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PlayStation Game and Hardware Reviews

Developer: Bullfrog OPTIONS: S.SHOT
No.1   No.2   No.3
Distributor: Bullfrog 1 Player
Game Type: God Game Memory Card (2 Blocks)
Review Date: June 1998 Standard Joypad

Setting the Scene

Are you sick of playing games that are so gory they make you 
feel really ill?
Maybe you're in need of a doctor because you've been whiling away too 
much time operating your beloved Playstation.
Perhaps your patients is wearing thin with 1st person shooters and 
you require an urgent tonic from a rather attractive nurse. 

Well if you can ignore the abundance of puns in the previous statement 
this may just be your lucky day. Theme Hospital is the second 'God game' 
from Bullfrog (more famous for the 'Syndicate' series) after Theme Park.

In Theme Hospital you are offered the post as an administrator who is 
responsible for all the operational functions of a designated hospital. 
This includes everything from building the diagnosis and treatment facilities 
to hiring and firing staff.  Most important of all you must cure your 
patients of a selection of outrageous diseases while making sure they 
always remain safe and cheerful. As you progress through the game your 
success at each point is assessed by the amount of profit you make, while 
the number of patients you heal against any fatalities that befall you 
is also taken into consideration. Your reward for success is the offer 
of a position at bigger and better hospital with an increase in salary.


In the grand tradition of the Maxis 'Sim' games and the aforementioned 
Theme Park this title is a God/Simulation game. You take the role of an 
omnipotent manager who's role it is to take charge of all aspects of a 
particular scenario, be that a bustling City, ever expanding Amusement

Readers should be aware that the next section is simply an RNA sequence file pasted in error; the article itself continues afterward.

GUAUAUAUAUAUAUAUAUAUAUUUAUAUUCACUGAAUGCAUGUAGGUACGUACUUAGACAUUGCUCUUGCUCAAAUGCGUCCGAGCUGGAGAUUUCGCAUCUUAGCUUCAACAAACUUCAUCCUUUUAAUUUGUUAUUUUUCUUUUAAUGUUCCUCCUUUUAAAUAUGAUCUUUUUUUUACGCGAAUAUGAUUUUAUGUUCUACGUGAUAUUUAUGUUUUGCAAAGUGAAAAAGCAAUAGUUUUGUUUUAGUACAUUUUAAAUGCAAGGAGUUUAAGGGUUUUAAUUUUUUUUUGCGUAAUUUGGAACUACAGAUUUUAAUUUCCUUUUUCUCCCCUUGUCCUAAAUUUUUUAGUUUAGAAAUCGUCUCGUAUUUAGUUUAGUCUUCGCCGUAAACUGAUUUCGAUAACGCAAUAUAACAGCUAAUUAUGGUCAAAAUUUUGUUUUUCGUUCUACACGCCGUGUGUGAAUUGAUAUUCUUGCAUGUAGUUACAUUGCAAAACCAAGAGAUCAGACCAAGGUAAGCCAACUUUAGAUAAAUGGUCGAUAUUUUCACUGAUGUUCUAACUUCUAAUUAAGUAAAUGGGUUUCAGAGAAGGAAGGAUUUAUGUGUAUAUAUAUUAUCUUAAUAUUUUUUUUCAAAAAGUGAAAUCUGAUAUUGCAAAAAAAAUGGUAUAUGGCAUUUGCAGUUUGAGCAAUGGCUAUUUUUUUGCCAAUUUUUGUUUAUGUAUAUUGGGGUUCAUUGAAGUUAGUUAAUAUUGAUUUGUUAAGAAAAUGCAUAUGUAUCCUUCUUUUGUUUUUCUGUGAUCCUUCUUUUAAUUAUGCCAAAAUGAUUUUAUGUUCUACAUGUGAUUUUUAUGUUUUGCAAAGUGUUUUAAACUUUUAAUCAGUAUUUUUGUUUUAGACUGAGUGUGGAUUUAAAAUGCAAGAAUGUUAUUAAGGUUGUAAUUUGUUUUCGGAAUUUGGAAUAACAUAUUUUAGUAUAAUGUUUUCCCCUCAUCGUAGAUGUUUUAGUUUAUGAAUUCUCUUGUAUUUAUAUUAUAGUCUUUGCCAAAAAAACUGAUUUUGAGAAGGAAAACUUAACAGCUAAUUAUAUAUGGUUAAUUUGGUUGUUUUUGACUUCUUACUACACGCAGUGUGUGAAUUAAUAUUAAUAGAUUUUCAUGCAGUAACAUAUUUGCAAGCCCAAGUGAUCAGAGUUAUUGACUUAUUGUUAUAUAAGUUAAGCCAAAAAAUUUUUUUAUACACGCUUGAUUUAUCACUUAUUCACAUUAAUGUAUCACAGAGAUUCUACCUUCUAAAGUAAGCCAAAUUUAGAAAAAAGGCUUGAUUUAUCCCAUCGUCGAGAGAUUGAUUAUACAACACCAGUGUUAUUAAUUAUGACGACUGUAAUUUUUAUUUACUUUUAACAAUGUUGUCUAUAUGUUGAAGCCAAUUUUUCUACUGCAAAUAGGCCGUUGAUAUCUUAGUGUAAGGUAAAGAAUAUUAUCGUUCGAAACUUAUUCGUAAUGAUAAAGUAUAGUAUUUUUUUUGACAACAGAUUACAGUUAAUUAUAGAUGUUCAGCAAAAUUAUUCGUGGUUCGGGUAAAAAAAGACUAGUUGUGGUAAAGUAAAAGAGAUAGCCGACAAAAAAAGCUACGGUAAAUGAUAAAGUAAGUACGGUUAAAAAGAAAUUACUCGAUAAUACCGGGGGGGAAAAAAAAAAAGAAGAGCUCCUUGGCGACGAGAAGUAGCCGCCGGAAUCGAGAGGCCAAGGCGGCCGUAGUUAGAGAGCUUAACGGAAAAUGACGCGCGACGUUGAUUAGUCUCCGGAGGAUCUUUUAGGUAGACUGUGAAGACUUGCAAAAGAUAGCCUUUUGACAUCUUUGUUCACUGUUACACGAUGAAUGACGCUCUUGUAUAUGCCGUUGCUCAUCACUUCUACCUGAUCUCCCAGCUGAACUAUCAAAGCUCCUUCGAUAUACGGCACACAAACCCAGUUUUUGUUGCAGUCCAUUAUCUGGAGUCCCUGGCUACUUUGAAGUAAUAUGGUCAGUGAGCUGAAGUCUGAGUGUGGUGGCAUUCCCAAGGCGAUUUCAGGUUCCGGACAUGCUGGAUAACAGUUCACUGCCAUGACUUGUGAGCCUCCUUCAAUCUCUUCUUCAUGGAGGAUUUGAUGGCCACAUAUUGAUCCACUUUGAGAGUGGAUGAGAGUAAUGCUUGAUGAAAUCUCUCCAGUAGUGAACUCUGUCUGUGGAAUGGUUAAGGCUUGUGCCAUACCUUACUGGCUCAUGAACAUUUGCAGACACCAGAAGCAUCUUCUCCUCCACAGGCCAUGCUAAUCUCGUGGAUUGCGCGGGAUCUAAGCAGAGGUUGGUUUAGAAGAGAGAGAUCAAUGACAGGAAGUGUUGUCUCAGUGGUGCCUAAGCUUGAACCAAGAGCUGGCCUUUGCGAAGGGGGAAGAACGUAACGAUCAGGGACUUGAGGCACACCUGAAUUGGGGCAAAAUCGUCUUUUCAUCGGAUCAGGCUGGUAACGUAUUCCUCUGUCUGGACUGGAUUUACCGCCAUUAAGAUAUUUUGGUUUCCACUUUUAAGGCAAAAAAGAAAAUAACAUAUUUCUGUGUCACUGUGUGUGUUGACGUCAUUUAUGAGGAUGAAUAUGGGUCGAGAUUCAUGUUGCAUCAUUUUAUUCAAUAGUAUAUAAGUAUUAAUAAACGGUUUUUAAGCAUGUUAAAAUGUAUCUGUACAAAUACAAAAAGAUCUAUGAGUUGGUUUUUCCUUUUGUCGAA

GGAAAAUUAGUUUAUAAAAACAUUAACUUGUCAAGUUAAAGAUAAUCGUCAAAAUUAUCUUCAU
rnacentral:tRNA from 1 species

Park or, in this case, a flourishing Hospital.


Anyone familiar with Theme Park will feel right at home here.  The
isometric top-down view, 2D graphics, detailed sprites and icon based 
interface remain true to the original Theme design. Unfortunately, this 
means that the graphics in Theme Hospital don't do anything to stretch the 
boundaries of the PSX games console.  The visuals really should have 
advanced over years since the days of Theme Park, but in reality they 

The graphics run in low-res and are definitely not using the full
palette the Playstation has to offer.  One noticeable element is the 
fact that most of the colors you see on the screen are dithered and not
shaded. The other area that could have been improved is the very 16-bit
looking interface, the buttons and icons representing the actions you
can perform are mostly 2 color and dull looking.

The graphics aren't all bad, there are some nice transparency effects
and the sprites that represent your doctors, nurses, patients and
hospital equipment are reasonably detailed and varied.

Sounds and Effects

The most noticeable aspect of the sound in Theme Hospital is not so 
much what you do hear but what you don't hear. There is no in-game music 
at all, probably a good thing since if it kept with the theme of building 
a hospital it would likely be trite elevator music and better switched off.

The sounds you do hear are mostly appropriate and totally belong in a
living, breathing hospital. The constant chatter from the intercom
calling doctors and nurses from one room to another can get a little
annoying, but can be turned off or down if required. This 'Tannoy', as
the game terms it, is actually vital to the success of your hospital
since it informs you of areas of your building that need urgent
attention. For example "Doctor required in Inflator room" will prompt
you to grab a doctor and place them in the relevant room ready to 
burst some poor patients head, weird.

Other sounds serve as more of an amusement and do a good job of
lightening the stress of running a hospital. Highlights include
vomiting (which you will hear a lot if you're no good at building
hospitals), using and flushing the toilet and the sounds of your 
doctors playing pool in the recreation room.


Imagine having to take care of every administrating aspect of 
a hospital, hiring and training your doctors, laying out diagnosis and
treatment rooms, buying and maintaining equipment, attracting patients
and expanding your facilities as needed. You'd think that this type of
occupation would be about as exciting as... well, running a hospital and
ordinarily it would be. The developers knew this and have thus introduced 
comedy and humor into every aspect of the game.  This is where Theme 
Hospital wins in the playability category.  Not only is it extremely 
interesting to play, it's also pretty funny at the same time.